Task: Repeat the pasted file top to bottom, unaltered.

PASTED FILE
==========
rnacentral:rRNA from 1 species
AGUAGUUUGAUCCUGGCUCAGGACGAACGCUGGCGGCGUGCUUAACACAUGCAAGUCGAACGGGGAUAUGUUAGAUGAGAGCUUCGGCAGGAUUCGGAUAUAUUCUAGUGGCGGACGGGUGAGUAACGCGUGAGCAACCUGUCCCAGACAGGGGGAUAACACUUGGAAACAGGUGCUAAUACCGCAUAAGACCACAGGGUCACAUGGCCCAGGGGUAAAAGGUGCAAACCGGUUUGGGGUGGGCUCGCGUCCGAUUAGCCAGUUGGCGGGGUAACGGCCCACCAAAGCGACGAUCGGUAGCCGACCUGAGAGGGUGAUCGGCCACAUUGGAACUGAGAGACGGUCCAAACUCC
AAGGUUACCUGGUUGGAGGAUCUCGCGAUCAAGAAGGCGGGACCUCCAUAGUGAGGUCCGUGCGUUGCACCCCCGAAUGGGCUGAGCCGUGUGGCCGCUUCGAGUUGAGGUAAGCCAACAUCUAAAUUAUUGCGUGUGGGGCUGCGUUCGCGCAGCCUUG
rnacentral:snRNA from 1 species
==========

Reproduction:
rnacentral:rRNA from 1 species
AGUAGUUUGAUCCUGGCUCAGGACGAACGCUGGCGGCGUGCUUAACACAUGCAAGUCGAACGGGGAUAUGUUAGAUGAGAGCUUCGGCAGGAUUCGGAUAUAUUCUAGUGGCGGACGGGUGAGUAACGCGUGAGCAACCUGUCCCAGACAGGGGGAUAACACUUGGAAACAGGUGCUAAUACCGCAUAAGACCACAGGGUCACAUGGCCCAGGGGUAAAAGGUGCAAACCGGUUUGGGGUGGGCUCGCGUCCGAUUAGCCAGUUGGCGGGGUAACGGCCCACCAAAGCGACGAUCGGUAGCCGACCUGAGAGGGUGAUCGGCCACAUUGGAACUGAGAGACGGUCCAAACUCC
AAGGUUACCUGGUUGGAGGAUCUCGCGAUCAAGAAGGCGGGACCUCCAUAGUGAGGUCCGUGCGUUGCACCCCCGAAUGGGCUGAGCCGUGUGGCCGCUUCGAGUUGAGGUAAGCCAACAUCUAAAUUAUUGCGUGUGGGGCUGCGUUCGCGCAGCCUUG
rnacentral:snRNA from 1 species